Ciliated muconodular papillary tumor of the lung: A newly defined peripheral pulmonary tumor with conspicuous mucin pool mimicking colloid adenocarcinoma: A case report and review of literature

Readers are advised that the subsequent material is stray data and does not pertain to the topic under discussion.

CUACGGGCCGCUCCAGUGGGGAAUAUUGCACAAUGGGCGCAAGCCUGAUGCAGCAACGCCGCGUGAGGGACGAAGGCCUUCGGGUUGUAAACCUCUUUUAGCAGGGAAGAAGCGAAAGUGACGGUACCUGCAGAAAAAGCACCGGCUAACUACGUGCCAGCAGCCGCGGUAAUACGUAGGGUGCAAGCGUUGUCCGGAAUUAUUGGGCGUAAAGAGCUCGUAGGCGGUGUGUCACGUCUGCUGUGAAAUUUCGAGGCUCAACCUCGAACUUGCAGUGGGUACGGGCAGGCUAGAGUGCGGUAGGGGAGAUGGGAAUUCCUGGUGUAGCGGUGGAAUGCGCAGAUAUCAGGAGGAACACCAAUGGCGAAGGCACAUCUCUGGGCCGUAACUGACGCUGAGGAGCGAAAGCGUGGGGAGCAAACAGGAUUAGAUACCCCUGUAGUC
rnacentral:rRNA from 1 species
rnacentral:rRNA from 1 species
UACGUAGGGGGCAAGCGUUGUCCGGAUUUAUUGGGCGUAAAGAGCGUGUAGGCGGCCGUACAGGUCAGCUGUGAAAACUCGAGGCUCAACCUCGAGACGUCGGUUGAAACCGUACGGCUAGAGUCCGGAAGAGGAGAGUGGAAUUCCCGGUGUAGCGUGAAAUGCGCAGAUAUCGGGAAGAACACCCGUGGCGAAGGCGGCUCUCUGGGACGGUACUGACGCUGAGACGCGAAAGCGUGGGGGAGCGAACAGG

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We report the case of a 68-year-old man with a newly defined rare entity of a peripheral pulmonary tumor, consisting of a nodular papillary lesion with papillary structures containing ciliated columnar and goblet cells, as well as floating tumor cells in the mucin pool. The conspicuous mucin pool was observed to be mimicking colloid adenocarcinoma in a low-power view, particularly in a frozen section slide. We originally reported it as an adenocarcinoma during intraoperative consultation. Immunohistochemically, the tumor cells exhibited a similar immunophenotype to pulmonary adenocarcinoma, except for the presence of focal ciliated and basaloid cells, which we found using CK5/6 and P63 immunostaining. NoKRASorEGFRmutation was found. We revised the diagnosis to that of a ciliated muconodular papillary tumor (CMPT). Four years after a wedge resection, the patient remained free of tumors. Although the malignant potential of CMPT cannot be ignored, a wedge resection with a safe margin might be a treatment option for CMPT patients.

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